City Research Online

Development of a patient-centred intervention to improve knowledge and understanding of antibiotic therapy in secondary care.

Rawson, T. M., Moore, L. S. P., Castro-Sanchez, E. ORCID: 0000-0002-3351-9496, Charani, E., Hernandez, B., Alividza, V., Husson, F., Toumazou, C., Ahmad, R. ORCID: 0000-0002-4294-7142, Georgiou, P. and Holmes, A.H. (2018). Development of a patient-centred intervention to improve knowledge and understanding of antibiotic therapy in secondary care.. Antimicrobial Resistance and Infection Control, 7, 43.. doi: 10.1186/s13756-018-0333-1

Abstract

Background: We developed a personalised antimicrobial information module co-designed with patients. This study aimed to evaluate the potential impact of this patient-centred intervention on short-term knowledge and understanding of antimicrobial therapy in secondary care. Methods: Thirty previous patients who had received antibiotics in hospital within 12 months were recruited to co-design an intervention to promote patient engagement with infection management. Two workshops, containing five focus-groups were held. These were audio-recorded. Data were analysed using a thematic framework developed deductively based on previous work. Line-by-line coding was performed with new themes added to the framework by two researchers. This was used to inform the development of a patient information module, embedded within an electronic decision support tool (CDSS).The intervention was piloted over a four-week period at Imperial College Healthcare NHS Trust on 30 in-patients. Pre- and post-intervention questionnaires were developed and implemented to assess short term changes in patient knowledge and understanding and provide feedback on the intervention. Data were analysed using SPSS and NVIVO software. Results: Within the workshops, there was consistency in identified themes. The participants agreed upon and co-designed a personalised PDF document that could be integrated into an electronic CDSS to be used by healthcare professionals at the point-of-care. Their aim for the tool was to provide individualised practical information, signpost to reputable information sources, and enhance communication between patients and healthcare professionals.Eighteen out of thirty in-patients consented to participant in the pilot evaluation with 15/18(83%) completing the study. Median (range) age was 66(22-85) years. The majority were male (10/15;66%). Pre-intervention, patients reported desiring further information regarding their infections and antibiotic therapy, including side effects of treatment. Deployment of the intervention improved short term knowledge and understanding of individuals infections and antibiotic management with median (IQR) scores improving from 3(2-5)/13 to 10(6-11)/13. 13/15(87%) reported that they would use the intervention again. Conclusion: A personalised, patient-centred intervention improved understanding and short-term knowledge of infections and antibiotic therapy in participating patients'. Long term impact on attitudes and behaviours post discharge will be further investigated.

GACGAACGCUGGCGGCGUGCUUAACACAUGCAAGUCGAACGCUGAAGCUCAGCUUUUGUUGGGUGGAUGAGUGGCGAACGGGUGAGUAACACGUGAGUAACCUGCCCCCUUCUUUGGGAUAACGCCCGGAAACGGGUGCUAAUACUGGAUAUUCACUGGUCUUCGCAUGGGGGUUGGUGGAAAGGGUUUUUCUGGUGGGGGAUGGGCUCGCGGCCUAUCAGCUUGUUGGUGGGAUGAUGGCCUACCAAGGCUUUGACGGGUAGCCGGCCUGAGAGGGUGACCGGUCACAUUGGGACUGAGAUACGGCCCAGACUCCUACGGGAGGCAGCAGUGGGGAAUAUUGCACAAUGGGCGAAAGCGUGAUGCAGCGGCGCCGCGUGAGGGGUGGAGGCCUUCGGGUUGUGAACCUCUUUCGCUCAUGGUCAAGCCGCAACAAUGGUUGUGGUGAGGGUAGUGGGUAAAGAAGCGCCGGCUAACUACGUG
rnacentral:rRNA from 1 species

Publication Type: Article
Additional Information: This article is distributed under the terms of the Creative Commons Attribution 4.0 International License (http://creativecommons.org/licenses/by/4.0/), which permits unrestricted use, distribution, and reproduction in any medium, provided you give appropriate credit to the original author(s) and the source, provide a link to the Creative Commons license, and indicate if changes were made.
Publisher Keywords: Patient & Public Involvement; Co-design; Antimicrobial prescribing; Shared-decision making
Subjects: R Medicine > R Medicine (General)
R Medicine > RA Public aspects of medicine > RA0421 Public health. Hygiene. Preventive Medicine
Departments: School of Health Sciences > Healthcare Services Research & Management
School of Health Sciences > Nursing
Date Deposited: 09 Jun 2020 14:01
URI: https://openaccess.city.ac.uk/id/eprint/24296
[img]
Preview
Text - Published Version
Available under License Creative Commons Attribution.

Download (1MB) | Preview

Export

Downloads

Downloads per month over past year

View more statistics

Actions (login required)

Admin Login Admin Login